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02-08 Teens with bipolar disorder who attempt suicide have altered brain circuitry


Teens with bipolar disorder who attempt suicide have altered brain circuitry

Bipolar disorder is a serious brain illness characterized by mood swings. Approximately 50 percent people with bipolar disorder attempt suicide during their lifetime and as many as 20 percent may die by suicide.

A recent study on adolescents and teens with bipolar disorder showed that there are distinct differences in the brains of those who attempt suicide and those who do not.

The study involved 26 participants with bipolar disorder who had attempted suicide before (the attempter group) and 42 participants with bipolar disorder who had not attempted suicide (the nonattempter group).

Since the frontal-limbic system of young adults is still in the development stage, the researchers could understand the origin of suicidal thoughts and behaviors. Senior study author Hilary Blumberg, a John and Hope Furth Professor of Psychiatric Neuroscience, professor in psychiatry, radiology and biomedical imaging and in the Yale Child Study Center, and her colleagues took specialized MRI scans of the brains of both the groups and discovered numerous distinctions.

In the attempter group, they found a subtle reduction in the quantity and activity of brain circuitry responsible for controlling emotion and impulses. There was also less volume and activity in the white matter that connects various areas of the brain.

The results indicated that the frontal cortex that regulates circuitry functioned poorly which can aggravate emotional pain and contribute to problems creating alternative solutions to suicide. It also increases the likelihood of a suicidal attempt.

Studies on adults who had attempted suicide showed that there were problems in the frontal-limbic system, responsible for producing emotions and impulses and the frontal cortex which regulates emotions and impulses.

Blumberg noted that continued research into the development of brain circuitry processes that lead to suicide could help recognize individuals who may be at risk. The results of the study could help contribute to new methods to reduce risk factors and create therapies to strengthen brain circuitry.

What is bipolar disorder?

Bipolar disorder cannot be cured, but it can be treated and managed so that patients can lead a more normal life. Medication and professional therapy can make a great deal of difference in their lives.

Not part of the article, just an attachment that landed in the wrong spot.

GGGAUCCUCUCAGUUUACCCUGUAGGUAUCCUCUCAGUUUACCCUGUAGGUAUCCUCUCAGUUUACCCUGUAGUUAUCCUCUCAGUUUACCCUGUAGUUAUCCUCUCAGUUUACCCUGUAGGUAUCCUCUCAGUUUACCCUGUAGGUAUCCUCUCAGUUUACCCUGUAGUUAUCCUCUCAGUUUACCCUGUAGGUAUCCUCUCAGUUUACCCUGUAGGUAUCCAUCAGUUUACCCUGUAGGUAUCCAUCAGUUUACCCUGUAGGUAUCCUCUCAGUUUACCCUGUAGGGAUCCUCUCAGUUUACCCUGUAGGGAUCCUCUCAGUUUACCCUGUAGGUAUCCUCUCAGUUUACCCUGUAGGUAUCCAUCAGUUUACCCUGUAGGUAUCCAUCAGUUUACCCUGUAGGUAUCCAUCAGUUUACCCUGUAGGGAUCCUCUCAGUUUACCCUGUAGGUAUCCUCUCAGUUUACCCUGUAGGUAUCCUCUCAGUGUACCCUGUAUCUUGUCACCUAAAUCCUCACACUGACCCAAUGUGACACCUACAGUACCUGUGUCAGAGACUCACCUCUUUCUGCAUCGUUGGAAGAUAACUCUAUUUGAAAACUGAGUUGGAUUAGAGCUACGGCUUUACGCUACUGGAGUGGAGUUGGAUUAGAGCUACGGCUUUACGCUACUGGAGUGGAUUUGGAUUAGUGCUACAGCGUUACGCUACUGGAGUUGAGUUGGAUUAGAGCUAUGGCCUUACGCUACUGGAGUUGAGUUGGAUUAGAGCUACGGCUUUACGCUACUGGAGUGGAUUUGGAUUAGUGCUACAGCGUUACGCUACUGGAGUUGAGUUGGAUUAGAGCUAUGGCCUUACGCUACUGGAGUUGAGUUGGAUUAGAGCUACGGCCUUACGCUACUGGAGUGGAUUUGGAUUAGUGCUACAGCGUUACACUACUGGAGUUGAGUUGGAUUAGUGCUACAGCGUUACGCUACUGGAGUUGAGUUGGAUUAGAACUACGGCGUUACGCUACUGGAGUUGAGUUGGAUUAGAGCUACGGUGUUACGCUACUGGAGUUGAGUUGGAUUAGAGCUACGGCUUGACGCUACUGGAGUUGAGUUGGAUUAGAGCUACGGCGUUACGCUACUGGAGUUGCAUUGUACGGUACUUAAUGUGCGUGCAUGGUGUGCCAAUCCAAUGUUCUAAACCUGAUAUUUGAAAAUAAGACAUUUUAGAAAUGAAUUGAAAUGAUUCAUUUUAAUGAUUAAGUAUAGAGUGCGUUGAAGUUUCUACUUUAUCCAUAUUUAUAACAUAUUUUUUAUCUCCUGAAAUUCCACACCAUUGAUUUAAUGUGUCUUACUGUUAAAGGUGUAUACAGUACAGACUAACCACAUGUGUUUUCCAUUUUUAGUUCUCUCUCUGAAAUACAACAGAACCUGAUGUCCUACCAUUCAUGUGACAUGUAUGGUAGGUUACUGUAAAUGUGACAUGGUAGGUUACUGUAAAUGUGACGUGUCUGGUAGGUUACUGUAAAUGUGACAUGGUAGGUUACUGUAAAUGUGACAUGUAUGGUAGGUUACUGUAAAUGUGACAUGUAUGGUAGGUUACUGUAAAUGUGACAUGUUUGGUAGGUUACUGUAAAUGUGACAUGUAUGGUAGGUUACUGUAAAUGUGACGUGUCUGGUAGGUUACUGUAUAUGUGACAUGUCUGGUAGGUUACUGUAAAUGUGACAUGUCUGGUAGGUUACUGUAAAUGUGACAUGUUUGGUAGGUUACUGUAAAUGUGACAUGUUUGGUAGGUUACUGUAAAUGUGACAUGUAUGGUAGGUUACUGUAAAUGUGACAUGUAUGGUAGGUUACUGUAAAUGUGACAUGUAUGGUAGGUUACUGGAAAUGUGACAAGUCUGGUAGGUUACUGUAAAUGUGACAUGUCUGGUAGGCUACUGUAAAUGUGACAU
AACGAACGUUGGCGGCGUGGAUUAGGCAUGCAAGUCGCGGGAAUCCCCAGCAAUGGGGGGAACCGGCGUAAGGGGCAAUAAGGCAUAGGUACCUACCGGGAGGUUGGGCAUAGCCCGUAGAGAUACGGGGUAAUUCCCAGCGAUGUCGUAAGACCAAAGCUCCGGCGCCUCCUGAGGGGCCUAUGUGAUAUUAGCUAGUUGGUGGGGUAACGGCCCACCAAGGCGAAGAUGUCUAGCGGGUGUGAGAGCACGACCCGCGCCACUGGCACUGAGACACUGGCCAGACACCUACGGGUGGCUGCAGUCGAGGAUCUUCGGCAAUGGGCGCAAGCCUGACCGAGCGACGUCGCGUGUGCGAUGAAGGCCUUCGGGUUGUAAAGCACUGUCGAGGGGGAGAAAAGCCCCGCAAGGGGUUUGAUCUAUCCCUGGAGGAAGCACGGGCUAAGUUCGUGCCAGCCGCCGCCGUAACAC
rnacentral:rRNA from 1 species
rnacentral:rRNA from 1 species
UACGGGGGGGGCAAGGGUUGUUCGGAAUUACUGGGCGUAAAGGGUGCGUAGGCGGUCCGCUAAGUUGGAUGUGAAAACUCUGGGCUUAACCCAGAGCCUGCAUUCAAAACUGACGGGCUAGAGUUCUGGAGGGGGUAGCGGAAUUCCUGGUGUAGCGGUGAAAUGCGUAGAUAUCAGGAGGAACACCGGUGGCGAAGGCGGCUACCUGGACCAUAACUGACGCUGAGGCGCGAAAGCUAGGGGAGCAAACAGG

The mood swings during the disorder are beyond the normal blues and there are changes in appetite, sleep patterns, energy levels and the ability to think clearly and make decisions. When a person feels happy and ‘up’ with much more energy than usual, it is called a manic episode. At other times, a person can feel very ‘down’ and depressed with accompanying lethargy and lack of interest in things. This is a depressive episode. The gap between the mood changes varies from person to person. The disorder, if untreated, can cause disruptions in school or work and can induce suicidal thoughts.

Symptoms to watch for in children and teens

  • Acting very happy or silly in an abnormal way
  • Getting irritated easily
  • Fast speech pattern and inability to remain focused
  • Does not get tired, difficulty sleeping
  • Poor concentration
  • Discussing sex more often
  • Taking risks

A diagnosis of bipolar disorder can be upsetting, but learning as much as possible about the disorder and finding the best professional help and support groups are the best steps to be taken. Sovereign Health provides state-of-the-art treatment for mental health disorders, including bipolar disorder. Our therapists are expert in their particular disciplines and work diligently to match each patient with the specific medication that works best for them. Patients can also learn coping skills through individual and group therapies. Call our 24/7 helpline to learn more.

About the author

Veronica McNamara is a content writer for Sovereign Health. She is a former registered nurse who enjoys writing about the causes and treatment of addictions and behavioral health disorders. She is a proponent of further public education on the subject of mental illness which, unfortunately, still bears an unwarranted stigma. For more information and other inquiries on this article, contact the author at

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